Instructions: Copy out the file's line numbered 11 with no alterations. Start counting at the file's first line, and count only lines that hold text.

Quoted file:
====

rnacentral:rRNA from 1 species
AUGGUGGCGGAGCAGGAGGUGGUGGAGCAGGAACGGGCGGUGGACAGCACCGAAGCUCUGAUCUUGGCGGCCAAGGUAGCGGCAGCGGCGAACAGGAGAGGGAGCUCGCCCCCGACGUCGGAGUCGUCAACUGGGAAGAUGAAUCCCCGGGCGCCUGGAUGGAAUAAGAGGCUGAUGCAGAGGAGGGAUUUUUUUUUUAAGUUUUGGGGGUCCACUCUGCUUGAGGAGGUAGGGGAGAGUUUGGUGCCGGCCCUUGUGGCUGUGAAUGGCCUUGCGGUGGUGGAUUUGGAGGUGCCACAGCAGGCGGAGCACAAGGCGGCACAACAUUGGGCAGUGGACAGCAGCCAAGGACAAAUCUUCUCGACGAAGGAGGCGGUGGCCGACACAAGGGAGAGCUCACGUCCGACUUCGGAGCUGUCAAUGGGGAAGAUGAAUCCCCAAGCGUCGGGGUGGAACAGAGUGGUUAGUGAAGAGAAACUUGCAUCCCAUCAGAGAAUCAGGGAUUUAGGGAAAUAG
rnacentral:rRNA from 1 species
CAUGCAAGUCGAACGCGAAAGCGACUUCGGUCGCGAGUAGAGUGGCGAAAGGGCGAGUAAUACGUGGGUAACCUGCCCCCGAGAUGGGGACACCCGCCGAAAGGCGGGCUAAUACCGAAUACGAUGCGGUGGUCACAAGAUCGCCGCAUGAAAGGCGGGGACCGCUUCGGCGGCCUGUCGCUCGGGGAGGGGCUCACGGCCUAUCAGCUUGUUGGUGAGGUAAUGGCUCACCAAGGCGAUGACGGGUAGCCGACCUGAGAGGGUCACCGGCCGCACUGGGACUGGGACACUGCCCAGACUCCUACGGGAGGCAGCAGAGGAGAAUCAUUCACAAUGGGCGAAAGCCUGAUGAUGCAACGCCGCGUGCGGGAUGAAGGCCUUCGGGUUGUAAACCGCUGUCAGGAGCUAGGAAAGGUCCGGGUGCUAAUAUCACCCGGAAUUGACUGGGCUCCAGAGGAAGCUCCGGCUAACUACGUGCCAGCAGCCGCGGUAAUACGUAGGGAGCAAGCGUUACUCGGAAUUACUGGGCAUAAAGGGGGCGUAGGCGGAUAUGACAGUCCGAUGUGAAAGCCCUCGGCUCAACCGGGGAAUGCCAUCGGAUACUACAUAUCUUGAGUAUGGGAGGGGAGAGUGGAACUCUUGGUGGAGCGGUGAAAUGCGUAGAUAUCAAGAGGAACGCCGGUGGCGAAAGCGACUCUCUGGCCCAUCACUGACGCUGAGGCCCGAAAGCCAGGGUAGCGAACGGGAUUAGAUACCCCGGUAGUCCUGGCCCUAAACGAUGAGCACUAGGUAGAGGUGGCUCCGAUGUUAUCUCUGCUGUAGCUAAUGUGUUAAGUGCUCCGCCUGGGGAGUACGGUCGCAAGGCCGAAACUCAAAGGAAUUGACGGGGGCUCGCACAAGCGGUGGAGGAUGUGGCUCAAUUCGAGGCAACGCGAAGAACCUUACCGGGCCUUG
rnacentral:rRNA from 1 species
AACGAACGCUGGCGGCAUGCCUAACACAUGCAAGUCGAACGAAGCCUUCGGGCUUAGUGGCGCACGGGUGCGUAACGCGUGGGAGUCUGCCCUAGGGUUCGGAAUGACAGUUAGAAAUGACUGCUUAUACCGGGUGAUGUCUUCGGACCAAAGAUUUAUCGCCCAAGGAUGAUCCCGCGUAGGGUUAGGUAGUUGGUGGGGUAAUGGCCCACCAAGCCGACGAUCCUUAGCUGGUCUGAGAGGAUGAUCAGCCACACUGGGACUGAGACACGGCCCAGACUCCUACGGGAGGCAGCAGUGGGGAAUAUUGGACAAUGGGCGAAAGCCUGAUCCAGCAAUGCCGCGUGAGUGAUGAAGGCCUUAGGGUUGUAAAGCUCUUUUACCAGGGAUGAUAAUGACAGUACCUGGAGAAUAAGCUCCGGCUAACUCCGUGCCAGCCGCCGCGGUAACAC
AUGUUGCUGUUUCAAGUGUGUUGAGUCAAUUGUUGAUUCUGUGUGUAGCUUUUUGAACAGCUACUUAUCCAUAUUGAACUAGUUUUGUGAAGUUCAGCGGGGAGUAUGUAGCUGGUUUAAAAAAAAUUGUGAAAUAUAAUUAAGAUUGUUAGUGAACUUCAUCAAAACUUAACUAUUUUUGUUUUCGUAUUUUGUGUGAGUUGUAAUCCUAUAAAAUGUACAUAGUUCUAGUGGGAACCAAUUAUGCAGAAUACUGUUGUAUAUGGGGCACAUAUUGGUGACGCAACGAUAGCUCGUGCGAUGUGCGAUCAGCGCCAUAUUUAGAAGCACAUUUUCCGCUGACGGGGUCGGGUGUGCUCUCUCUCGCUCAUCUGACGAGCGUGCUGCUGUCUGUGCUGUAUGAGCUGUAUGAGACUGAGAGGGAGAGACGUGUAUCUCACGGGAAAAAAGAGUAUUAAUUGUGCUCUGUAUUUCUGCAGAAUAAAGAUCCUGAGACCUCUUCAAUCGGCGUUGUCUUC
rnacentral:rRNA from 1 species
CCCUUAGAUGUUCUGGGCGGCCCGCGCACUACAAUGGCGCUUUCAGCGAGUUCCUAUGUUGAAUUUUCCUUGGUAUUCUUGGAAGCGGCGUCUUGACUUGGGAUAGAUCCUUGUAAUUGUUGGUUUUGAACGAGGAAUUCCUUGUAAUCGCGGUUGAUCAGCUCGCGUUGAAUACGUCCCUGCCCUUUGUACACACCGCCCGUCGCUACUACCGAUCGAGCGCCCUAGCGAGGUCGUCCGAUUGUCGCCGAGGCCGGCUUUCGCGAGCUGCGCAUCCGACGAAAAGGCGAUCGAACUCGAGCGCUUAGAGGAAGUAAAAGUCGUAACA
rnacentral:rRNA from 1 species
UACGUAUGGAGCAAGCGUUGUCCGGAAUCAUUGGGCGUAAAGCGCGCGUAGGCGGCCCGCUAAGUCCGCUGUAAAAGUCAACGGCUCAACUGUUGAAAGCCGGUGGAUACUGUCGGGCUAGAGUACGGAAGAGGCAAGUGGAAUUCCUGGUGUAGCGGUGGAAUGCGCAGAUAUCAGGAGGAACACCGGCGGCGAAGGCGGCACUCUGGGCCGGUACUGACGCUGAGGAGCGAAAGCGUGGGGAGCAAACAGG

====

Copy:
UACGUAUGGAGCAAGCGUUGUCCGGAAUCAUUGGGCGUAAAGCGCGCGUAGGCGGCCCGCUAAGUCCGCUGUAAAAGUCAACGGCUCAACUGUUGAAAGCCGGUGGAUACUGUCGGGCUAGAGUACGGAAGAGGCAAGUGGAAUUCCUGGUGUAGCGGUGGAAUGCGCAGAUAUCAGGAGGAACACCGGCGGCGAAGGCGGCACUCUGGGCCGGUACUGACGCUGAGGAGCGAAAGCGUGGGGAGCAAACAGG